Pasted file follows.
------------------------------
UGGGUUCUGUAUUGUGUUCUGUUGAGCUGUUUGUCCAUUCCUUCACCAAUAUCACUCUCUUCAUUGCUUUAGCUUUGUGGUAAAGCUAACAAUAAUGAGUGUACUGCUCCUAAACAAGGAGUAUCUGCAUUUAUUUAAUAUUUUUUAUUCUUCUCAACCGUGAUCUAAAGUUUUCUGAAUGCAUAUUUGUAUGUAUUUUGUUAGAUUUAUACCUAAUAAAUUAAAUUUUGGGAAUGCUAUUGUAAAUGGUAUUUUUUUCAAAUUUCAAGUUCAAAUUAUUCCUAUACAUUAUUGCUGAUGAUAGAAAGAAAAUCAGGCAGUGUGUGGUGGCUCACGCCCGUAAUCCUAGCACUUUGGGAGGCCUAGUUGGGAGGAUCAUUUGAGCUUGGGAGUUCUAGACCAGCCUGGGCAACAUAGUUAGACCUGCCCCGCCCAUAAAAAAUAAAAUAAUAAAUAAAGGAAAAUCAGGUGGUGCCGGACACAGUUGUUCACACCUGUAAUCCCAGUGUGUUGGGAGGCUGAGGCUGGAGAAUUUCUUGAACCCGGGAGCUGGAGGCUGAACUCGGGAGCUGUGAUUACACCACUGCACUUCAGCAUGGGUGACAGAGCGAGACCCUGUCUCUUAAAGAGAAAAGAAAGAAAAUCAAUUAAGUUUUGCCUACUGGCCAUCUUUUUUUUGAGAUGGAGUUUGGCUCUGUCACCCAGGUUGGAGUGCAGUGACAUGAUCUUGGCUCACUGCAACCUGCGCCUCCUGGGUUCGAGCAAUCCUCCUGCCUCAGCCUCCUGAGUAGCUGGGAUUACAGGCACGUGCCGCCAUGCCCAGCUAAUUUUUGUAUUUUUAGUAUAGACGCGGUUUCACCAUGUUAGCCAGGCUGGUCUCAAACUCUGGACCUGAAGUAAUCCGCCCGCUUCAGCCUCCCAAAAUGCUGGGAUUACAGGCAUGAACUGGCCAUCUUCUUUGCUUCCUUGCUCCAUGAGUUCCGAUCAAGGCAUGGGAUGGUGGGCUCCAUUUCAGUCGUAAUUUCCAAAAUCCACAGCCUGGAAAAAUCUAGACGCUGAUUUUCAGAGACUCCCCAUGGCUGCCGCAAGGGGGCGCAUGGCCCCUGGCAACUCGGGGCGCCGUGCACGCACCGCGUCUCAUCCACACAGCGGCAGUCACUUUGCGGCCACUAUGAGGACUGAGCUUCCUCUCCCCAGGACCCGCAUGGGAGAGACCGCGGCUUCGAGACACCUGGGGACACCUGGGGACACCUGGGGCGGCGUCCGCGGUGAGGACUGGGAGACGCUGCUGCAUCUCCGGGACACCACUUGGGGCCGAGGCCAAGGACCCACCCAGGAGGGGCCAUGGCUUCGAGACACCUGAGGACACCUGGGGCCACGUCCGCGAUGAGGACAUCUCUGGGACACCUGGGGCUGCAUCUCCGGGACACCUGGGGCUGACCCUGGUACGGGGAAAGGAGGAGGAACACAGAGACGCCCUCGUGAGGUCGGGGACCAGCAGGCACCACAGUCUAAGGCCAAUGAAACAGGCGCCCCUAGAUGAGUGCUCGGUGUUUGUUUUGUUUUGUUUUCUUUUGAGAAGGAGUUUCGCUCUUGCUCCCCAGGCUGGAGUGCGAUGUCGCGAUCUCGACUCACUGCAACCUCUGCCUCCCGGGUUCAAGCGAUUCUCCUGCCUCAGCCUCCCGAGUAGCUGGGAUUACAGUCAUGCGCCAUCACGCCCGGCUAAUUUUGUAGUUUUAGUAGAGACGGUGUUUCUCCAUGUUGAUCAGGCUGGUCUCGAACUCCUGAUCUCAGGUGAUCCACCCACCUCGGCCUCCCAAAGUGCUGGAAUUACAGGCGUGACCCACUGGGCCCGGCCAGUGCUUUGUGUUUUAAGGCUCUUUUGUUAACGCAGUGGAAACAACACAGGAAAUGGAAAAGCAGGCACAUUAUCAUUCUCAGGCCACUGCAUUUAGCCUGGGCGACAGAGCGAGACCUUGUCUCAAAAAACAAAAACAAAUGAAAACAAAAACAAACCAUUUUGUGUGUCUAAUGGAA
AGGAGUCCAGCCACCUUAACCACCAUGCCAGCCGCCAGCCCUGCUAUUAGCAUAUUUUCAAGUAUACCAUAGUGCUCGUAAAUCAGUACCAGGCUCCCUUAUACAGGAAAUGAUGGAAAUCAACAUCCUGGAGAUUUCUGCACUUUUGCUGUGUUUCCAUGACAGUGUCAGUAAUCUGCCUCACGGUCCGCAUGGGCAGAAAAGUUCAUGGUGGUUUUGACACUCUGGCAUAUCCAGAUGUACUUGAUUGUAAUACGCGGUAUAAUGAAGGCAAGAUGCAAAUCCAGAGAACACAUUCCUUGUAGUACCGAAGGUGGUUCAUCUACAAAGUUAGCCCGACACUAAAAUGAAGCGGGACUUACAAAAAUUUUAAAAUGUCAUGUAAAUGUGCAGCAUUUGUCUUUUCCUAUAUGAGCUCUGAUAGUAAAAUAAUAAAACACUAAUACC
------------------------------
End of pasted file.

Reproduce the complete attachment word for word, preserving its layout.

UGGGUUCUGUAUUGUGUUCUGUUGAGCUGUUUGUCCAUUCCUUCACCAAUAUCACUCUCUUCAUUGCUUUAGCUUUGUGGUAAAGCUAACAAUAAUGAGUGUACUGCUCCUAAACAAGGAGUAUCUGCAUUUAUUUAAUAUUUUUUAUUCUUCUCAACCGUGAUCUAAAGUUUUCUGAAUGCAUAUUUGUAUGUAUUUUGUUAGAUUUAUACCUAAUAAAUUAAAUUUUGGGAAUGCUAUUGUAAAUGGUAUUUUUUUCAAAUUUCAAGUUCAAAUUAUUCCUAUACAUUAUUGCUGAUGAUAGAAAGAAAAUCAGGCAGUGUGUGGUGGCUCACGCCCGUAAUCCUAGCACUUUGGGAGGCCUAGUUGGGAGGAUCAUUUGAGCUUGGGAGUUCUAGACCAGCCUGGGCAACAUAGUUAGACCUGCCCCGCCCAUAAAAAAUAAAAUAAUAAAUAAAGGAAAAUCAGGUGGUGCCGGACACAGUUGUUCACACCUGUAAUCCCAGUGUGUUGGGAGGCUGAGGCUGGAGAAUUUCUUGAACCCGGGAGCUGGAGGCUGAACUCGGGAGCUGUGAUUACACCACUGCACUUCAGCAUGGGUGACAGAGCGAGACCCUGUCUCUUAAAGAGAAAAGAAAGAAAAUCAAUUAAGUUUUGCCUACUGGCCAUCUUUUUUUUGAGAUGGAGUUUGGCUCUGUCACCCAGGUUGGAGUGCAGUGACAUGAUCUUGGCUCACUGCAACCUGCGCCUCCUGGGUUCGAGCAAUCCUCCUGCCUCAGCCUCCUGAGUAGCUGGGAUUACAGGCACGUGCCGCCAUGCCCAGCUAAUUUUUGUAUUUUUAGUAUAGACGCGGUUUCACCAUGUUAGCCAGGCUGGUCUCAAACUCUGGACCUGAAGUAAUCCGCCCGCUUCAGCCUCCCAAAAUGCUGGGAUUACAGGCAUGAACUGGCCAUCUUCUUUGCUUCCUUGCUCCAUGAGUUCCGAUCAAGGCAUGGGAUGGUGGGCUCCAUUUCAGUCGUAAUUUCCAAAAUCCACAGCCUGGAAAAAUCUAGACGCUGAUUUUCAGAGACUCCCCAUGGCUGCCGCAAGGGGGCGCAUGGCCCCUGGCAACUCGGGGCGCCGUGCACGCACCGCGUCUCAUCCACACAGCGGCAGUCACUUUGCGGCCACUAUGAGGACUGAGCUUCCUCUCCCCAGGACCCGCAUGGGAGAGACCGCGGCUUCGAGACACCUGGGGACACCUGGGGACACCUGGGGCGGCGUCCGCGGUGAGGACUGGGAGACGCUGCUGCAUCUCCGGGACACCACUUGGGGCCGAGGCCAAGGACCCACCCAGGAGGGGCCAUGGCUUCGAGACACCUGAGGACACCUGGGGCCACGUCCGCGAUGAGGACAUCUCUGGGACACCUGGGGCUGCAUCUCCGGGACACCUGGGGCUGACCCUGGUACGGGGAAAGGAGGAGGAACACAGAGACGCCCUCGUGAGGUCGGGGACCAGCAGGCACCACAGUCUAAGGCCAAUGAAACAGGCGCCCCUAGAUGAGUGCUCGGUGUUUGUUUUGUUUUGUUUUCUUUUGAGAAGGAGUUUCGCUCUUGCUCCCCAGGCUGGAGUGCGAUGUCGCGAUCUCGACUCACUGCAACCUCUGCCUCCCGGGUUCAAGCGAUUCUCCUGCCUCAGCCUCCCGAGUAGCUGGGAUUACAGUCAUGCGCCAUCACGCCCGGCUAAUUUUGUAGUUUUAGUAGAGACGGUGUUUCUCCAUGUUGAUCAGGCUGGUCUCGAACUCCUGAUCUCAGGUGAUCCACCCACCUCGGCCUCCCAAAGUGCUGGAAUUACAGGCGUGACCCACUGGGCCCGGCCAGUGCUUUGUGUUUUAAGGCUCUUUUGUUAACGCAGUGGAAACAACACAGGAAAUGGAAAAGCAGGCACAUUAUCAUUCUCAGGCCACUGCAUUUAGCCUGGGCGACAGAGCGAGACCUUGUCUCAAAAAACAAAAACAAAUGAAAACAAAAACAAACCAUUUUGUGUGUCUAAUGGAA
AGGAGUCCAGCCACCUUAACCACCAUGCCAGCCGCCAGCCCUGCUAUUAGCAUAUUUUCAAGUAUACCAUAGUGCUCGUAAAUCAGUACCAGGCUCCCUUAUACAGGAAAUGAUGGAAAUCAACAUCCUGGAGAUUUCUGCACUUUUGCUGUGUUUCCAUGACAGUGUCAGUAAUCUGCCUCACGGUCCGCAUGGGCAGAAAAGUUCAUGGUGGUUUUGACACUCUGGCAUAUCCAGAUGUACUUGAUUGUAAUACGCGGUAUAAUGAAGGCAAGAUGCAAAUCCAGAGAACACAUUCCUUGUAGUACCGAAGGUGGUUCAUCUACAAAGUUAGCCCGACACUAAAAUGAAGCGGGACUUACAAAAAUUUUAAAAUGUCAUGUAAAUGUGCAGCAUUUGUCUUUUCCUAUAUGAGCUCUGAUAGUAAAAUAAUAAAACACUAAUACC